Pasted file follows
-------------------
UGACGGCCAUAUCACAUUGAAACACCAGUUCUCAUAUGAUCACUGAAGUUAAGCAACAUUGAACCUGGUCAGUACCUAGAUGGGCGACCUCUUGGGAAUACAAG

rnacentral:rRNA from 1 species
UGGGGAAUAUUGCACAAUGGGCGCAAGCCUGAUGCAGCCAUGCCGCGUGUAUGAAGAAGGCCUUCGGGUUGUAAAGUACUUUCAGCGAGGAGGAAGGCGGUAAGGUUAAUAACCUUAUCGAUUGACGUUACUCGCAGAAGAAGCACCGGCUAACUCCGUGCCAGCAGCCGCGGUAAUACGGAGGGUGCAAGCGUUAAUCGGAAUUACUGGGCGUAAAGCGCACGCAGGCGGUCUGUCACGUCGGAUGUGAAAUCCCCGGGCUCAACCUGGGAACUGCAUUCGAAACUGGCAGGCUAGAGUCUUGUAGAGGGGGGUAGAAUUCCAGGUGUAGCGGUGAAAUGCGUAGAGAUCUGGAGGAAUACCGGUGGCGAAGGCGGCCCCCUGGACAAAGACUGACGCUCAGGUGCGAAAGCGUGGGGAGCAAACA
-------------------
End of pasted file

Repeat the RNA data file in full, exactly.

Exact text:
UGACGGCCAUAUCACAUUGAAACACCAGUUCUCAUAUGAUCACUGAAGUUAAGCAACAUUGAACCUGGUCAGUACCUAGAUGGGCGACCUCUUGGGAAUACAAG

rnacentral:rRNA from 1 species
UGGGGAAUAUUGCACAAUGGGCGCAAGCCUGAUGCAGCCAUGCCGCGUGUAUGAAGAAGGCCUUCGGGUUGUAAAGUACUUUCAGCGAGGAGGAAGGCGGUAAGGUUAAUAACCUUAUCGAUUGACGUUACUCGCAGAAGAAGCACCGGCUAACUCCGUGCCAGCAGCCGCGGUAAUACGGAGGGUGCAAGCGUUAAUCGGAAUUACUGGGCGUAAAGCGCACGCAGGCGGUCUGUCACGUCGGAUGUGAAAUCCCCGGGCUCAACCUGGGAACUGCAUUCGAAACUGGCAGGCUAGAGUCUUGUAGAGGGGGGUAGAAUUCCAGGUGUAGCGGUGAAAUGCGUAGAGAUCUGGAGGAAUACCGGUGGCGAAGGCGGCCCCCUGGACAAAGACUGACGCUCAGGUGCGAAAGCGUGGGGAGCAAACA